Alasdair haynes of Aquis Exchange examines the characteristics of his new exchange, and what sets it apart from current business models.
Despite Europe appearing to be a very fragmented market and most exchanges being nationalistic in their outlook, if we look at the market today, around 95% of all business in each country is done by either the national exchange or BATS-Chi-X. That, to me, is a duopoly – 95% of business done in two places means the market is not fragmented. So looking at the European market in its entirety, there is plenty of room for a new exchange to set up on a Pan-European basis and become a third player, which I think the market needs.
Our intention is to grow the markets and we believe it is right that national markets will not have such a dominant share in the future. The model that we are introducing – which is a subscription, all-you-can-eat model –is based on the way telecoms and mobile phone companies operate.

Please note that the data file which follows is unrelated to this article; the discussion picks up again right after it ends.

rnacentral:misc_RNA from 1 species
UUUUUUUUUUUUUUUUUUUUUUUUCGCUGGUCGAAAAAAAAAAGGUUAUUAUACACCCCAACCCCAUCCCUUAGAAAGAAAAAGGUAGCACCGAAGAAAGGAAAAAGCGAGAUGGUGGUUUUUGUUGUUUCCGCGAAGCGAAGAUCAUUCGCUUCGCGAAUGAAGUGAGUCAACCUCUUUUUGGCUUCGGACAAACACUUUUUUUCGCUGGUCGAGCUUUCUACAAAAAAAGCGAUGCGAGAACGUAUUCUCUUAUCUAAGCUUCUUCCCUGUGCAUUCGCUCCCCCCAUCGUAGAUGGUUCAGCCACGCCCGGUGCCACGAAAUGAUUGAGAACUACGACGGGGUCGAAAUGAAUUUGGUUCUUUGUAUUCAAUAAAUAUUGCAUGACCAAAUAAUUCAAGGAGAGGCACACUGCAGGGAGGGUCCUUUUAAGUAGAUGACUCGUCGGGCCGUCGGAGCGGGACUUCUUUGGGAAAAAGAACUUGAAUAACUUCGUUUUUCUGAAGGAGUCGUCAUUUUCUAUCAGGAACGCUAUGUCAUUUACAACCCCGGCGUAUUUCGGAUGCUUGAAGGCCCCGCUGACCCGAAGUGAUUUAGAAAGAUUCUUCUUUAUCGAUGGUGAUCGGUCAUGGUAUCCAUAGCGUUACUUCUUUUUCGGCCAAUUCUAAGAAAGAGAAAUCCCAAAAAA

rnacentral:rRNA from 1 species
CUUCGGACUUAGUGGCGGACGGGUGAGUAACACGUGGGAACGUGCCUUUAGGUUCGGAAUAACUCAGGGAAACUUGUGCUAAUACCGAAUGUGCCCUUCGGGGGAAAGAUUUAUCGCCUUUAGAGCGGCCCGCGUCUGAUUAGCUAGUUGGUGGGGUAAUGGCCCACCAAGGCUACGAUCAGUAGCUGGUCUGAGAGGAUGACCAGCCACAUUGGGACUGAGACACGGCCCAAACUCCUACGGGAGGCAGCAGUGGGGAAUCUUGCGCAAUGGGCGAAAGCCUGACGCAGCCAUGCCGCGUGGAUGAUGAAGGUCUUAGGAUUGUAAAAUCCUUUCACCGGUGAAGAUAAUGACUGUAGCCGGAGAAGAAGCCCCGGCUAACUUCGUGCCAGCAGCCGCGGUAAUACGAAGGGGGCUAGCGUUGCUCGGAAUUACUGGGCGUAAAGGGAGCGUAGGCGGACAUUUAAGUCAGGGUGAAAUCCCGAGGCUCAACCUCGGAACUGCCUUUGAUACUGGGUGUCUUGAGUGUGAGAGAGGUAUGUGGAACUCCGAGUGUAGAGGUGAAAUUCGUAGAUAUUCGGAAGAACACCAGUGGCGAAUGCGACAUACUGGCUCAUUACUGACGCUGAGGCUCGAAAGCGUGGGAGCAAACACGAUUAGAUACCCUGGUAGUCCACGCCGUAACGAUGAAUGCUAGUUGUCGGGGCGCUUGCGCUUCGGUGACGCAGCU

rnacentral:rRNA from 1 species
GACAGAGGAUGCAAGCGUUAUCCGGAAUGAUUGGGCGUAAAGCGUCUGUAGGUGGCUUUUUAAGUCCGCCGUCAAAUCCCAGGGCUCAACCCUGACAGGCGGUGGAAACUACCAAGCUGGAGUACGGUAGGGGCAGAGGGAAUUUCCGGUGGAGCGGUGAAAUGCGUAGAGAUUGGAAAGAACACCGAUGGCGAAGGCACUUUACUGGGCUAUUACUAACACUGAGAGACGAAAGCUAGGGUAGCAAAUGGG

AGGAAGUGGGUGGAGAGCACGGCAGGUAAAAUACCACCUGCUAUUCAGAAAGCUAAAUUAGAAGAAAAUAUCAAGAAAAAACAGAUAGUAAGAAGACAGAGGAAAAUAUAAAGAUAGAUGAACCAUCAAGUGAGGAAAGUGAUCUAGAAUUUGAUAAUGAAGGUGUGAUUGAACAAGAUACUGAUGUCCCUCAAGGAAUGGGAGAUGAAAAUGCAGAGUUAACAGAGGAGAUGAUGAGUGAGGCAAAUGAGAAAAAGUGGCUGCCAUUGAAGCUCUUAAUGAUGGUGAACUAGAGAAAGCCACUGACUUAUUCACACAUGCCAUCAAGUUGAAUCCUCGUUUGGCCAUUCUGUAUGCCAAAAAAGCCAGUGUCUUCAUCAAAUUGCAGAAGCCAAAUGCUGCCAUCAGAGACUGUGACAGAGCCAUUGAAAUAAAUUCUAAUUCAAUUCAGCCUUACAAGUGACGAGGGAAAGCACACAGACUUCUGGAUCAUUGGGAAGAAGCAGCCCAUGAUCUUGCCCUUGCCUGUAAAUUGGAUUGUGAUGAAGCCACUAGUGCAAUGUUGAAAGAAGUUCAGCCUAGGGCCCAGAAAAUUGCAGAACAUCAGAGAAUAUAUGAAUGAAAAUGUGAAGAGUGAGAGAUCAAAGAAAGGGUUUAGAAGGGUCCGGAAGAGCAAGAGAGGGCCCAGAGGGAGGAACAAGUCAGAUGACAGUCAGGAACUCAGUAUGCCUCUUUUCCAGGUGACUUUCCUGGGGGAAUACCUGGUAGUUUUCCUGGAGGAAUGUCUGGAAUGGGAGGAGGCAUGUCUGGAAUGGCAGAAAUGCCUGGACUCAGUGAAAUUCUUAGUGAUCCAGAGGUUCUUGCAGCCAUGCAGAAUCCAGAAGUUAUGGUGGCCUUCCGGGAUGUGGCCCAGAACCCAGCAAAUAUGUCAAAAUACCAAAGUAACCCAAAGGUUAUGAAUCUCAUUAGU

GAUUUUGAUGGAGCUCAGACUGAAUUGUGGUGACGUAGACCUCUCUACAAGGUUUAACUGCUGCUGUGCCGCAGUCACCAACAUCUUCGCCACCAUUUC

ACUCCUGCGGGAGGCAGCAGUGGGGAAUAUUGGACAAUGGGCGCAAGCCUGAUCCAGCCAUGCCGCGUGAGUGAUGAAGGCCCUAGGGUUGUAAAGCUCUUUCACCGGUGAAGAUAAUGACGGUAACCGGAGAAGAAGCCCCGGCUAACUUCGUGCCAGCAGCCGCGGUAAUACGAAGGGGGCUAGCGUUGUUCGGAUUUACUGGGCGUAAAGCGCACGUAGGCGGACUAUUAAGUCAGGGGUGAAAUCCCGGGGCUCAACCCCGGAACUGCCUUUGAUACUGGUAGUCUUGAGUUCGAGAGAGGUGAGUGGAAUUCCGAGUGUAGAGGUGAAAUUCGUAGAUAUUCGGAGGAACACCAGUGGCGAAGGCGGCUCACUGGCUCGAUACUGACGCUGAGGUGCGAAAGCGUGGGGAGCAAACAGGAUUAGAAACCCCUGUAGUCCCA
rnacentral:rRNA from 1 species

There are currently only two venues where there’s any liquidity; either BATS-Chi-X or the national market. When we consider where we position ourselves, we want to bring utility pricing and utility business to the exchange industry.
We don’t see ourselves as niche players, we want to become the third market in Europe and grow from there. We have set the barriers to entry for our Members as low as we can, we’ve set up a data centre in the same place as many of our potential members are located (in Slough), we are using FIX which has become an industry standard and we have a proprietary protocol designed and built by us which is very simple to use. We believe that this technology, built and owned by us, is going to move markets to the next dimension.